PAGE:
Civil society groups from Europe and North America have sent an open letter to UNAIDS questioning if the agency will be taking Russia to task on its dangerous ban of opioid substitution therapy (OST) in the face of a national HIV crisis.
The letter, below, highlights the recent publication from Russia's Ministry of Health on its official position toward OST, an approach that the ministry deems to be non-evidence based and a potential cause of HIV among people who inject drugs in countries where it is implemented.
The number of HIV cases in Russia passed the 1 million mark earlier this year and are expected to rise exponentially in the coming years thanks to Russia's refusal to implement OST and support needle and syringe exchange programs, both of which have a proven track record in mitigating the spread of blood-borne viruses.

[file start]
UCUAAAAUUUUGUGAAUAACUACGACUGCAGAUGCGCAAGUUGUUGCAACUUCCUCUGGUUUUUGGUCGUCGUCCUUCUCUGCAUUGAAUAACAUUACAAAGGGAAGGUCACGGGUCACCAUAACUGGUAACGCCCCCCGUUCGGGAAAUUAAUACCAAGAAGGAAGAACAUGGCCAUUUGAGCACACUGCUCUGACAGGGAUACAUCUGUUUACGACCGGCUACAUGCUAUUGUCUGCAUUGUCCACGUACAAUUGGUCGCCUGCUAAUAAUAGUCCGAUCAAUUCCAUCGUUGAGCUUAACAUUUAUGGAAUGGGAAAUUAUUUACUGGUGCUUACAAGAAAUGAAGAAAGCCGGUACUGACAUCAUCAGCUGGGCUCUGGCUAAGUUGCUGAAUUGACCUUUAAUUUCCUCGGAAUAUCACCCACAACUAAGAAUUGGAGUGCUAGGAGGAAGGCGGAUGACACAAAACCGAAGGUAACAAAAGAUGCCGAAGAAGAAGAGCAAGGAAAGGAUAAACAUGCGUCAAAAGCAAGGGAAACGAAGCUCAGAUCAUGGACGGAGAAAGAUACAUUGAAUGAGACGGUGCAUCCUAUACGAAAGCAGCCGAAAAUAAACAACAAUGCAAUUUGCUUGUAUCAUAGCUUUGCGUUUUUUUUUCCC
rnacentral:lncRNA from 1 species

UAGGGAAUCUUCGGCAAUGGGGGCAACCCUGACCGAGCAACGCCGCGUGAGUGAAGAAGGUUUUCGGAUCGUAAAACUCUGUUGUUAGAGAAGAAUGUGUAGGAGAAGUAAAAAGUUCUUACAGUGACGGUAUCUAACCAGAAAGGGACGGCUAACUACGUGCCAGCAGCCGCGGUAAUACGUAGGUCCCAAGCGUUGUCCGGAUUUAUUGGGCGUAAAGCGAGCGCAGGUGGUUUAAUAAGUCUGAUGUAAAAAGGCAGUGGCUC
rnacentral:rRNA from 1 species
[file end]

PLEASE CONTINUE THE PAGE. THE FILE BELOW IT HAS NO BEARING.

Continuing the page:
Russia's response to the spike in HIV cases among drug users is to try and subject this group to mandatory rehabilitation, something the country's director of the Federal Drug Control Service (FDCS) announced at the recent Eastern Europe and Central Asia AIDS Conference held in Moscow. Civil society groups in another open letter last year to UNAIDS criticized the staging of this conference in a country that refuses to take an evidence-based approach to combating HIV.
Read the full letter here.